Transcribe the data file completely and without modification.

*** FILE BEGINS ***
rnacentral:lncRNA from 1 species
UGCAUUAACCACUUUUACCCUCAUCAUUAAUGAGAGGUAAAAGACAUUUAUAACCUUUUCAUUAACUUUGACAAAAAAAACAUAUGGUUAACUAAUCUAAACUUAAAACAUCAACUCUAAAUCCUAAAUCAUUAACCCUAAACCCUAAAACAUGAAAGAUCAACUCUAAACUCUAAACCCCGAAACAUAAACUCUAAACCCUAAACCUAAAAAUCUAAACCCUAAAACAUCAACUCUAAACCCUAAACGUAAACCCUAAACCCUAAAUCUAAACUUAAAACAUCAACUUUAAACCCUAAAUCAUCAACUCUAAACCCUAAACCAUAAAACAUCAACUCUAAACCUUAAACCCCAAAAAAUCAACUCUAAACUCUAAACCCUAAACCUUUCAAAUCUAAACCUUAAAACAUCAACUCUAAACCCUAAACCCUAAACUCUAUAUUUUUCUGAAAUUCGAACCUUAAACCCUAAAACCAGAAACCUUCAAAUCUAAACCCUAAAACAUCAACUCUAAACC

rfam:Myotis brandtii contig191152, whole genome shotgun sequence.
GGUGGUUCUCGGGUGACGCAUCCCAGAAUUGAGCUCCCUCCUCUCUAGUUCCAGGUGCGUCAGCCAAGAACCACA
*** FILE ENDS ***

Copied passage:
rnacentral:lncRNA from 1 species
UGCAUUAACCACUUUUACCCUCAUCAUUAAUGAGAGGUAAAAGACAUUUAUAACCUUUUCAUUAACUUUGACAAAAAAAACAUAUGGUUAACUAAUCUAAACUUAAAACAUCAACUCUAAAUCCUAAAUCAUUAACCCUAAACCCUAAAACAUGAAAGAUCAACUCUAAACUCUAAACCCCGAAACAUAAACUCUAAACCCUAAACCUAAAAAUCUAAACCCUAAAACAUCAACUCUAAACCCUAAACGUAAACCCUAAACCCUAAAUCUAAACUUAAAACAUCAACUUUAAACCCUAAAUCAUCAACUCUAAACCCUAAACCAUAAAACAUCAACUCUAAACCUUAAACCCCAAAAAAUCAACUCUAAACUCUAAACCCUAAACCUUUCAAAUCUAAACCUUAAAACAUCAACUCUAAACCCUAAACCCUAAACUCUAUAUUUUUCUGAAAUUCGAACCUUAAACCCUAAAACCAGAAACCUUCAAAUCUAAACCCUAAAACAUCAACUCUAAACC

rfam:Myotis brandtii contig191152, whole genome shotgun sequence.
GGUGGUUCUCGGGUGACGCAUCCCAGAAUUGAGCUCCCUCCUCUCUAGUUCCAGGUGCGUCAGCCAAGAACCACA